The United States will start withdrawing US troops from Afghanistan in July as promised, President Barack Obama has said as he declared significant progress in disrupting al Qaida and combating the Taliban.
But he warned the war will remain a "very difficult endeavour".
Heralding a review of his war strategy, Mr Obama said the goal is not to defeat every threat to Afghanistan's security or to build up the nation.
Rather, he said, the United States continues to shed blood in the war - now in its 10th year - to dismantle the al Qaida network and push back the Taliban.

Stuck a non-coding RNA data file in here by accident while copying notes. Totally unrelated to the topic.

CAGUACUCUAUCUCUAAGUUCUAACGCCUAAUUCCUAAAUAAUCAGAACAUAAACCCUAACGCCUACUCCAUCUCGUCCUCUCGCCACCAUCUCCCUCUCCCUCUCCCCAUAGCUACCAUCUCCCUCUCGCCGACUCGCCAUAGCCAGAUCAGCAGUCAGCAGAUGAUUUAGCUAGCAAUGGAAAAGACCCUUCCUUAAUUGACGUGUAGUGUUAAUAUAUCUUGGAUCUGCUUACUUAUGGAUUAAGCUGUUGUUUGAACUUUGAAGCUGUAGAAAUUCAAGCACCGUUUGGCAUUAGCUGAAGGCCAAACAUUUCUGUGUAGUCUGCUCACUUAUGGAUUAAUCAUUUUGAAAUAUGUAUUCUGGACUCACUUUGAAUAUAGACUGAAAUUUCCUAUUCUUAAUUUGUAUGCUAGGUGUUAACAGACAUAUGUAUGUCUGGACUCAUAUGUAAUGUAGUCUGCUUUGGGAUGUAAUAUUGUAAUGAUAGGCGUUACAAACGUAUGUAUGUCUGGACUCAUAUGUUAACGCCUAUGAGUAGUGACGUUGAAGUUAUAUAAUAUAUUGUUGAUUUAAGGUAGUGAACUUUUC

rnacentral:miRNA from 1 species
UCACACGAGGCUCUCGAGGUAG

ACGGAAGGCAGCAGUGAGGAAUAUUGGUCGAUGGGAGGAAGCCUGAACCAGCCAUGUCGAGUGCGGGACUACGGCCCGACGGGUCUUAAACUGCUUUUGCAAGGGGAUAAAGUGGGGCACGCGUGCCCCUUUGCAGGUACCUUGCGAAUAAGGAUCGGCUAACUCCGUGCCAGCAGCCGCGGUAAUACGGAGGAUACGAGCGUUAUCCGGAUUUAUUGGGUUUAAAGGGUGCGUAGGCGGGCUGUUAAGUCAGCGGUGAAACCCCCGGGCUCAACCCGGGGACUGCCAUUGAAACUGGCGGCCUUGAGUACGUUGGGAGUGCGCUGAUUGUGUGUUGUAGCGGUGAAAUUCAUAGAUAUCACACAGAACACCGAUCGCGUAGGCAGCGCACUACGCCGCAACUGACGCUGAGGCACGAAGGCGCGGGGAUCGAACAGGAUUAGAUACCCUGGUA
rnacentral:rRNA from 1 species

"We are on track to achieve our goals," he said in an address at the White House.
But he added that progress has not come fast enough in Pakistan, where terrorists continue to find safe haven.
The President also warned that the gains over the last year - which have come at the cost of more US troop deaths that at any time during the war - are fragile and reversible.
Obama's words and the report's findings underscore that his war plan is here to stay. The goal is for the US-led coalition of nations to turn over control of Afghan security by the end of 2014, which means that US troops will remain at war there for at least the next four years.
The pace and scope of the US troop withdrawal is unclear. "We don't know at this point," Defence Secretary Robert Gates told reporters. He said he hoped the pace would accelerate based on local conditions. There are now roughly 100,000 US troops in Afghanistan, as well as 40,000 from Nato allies.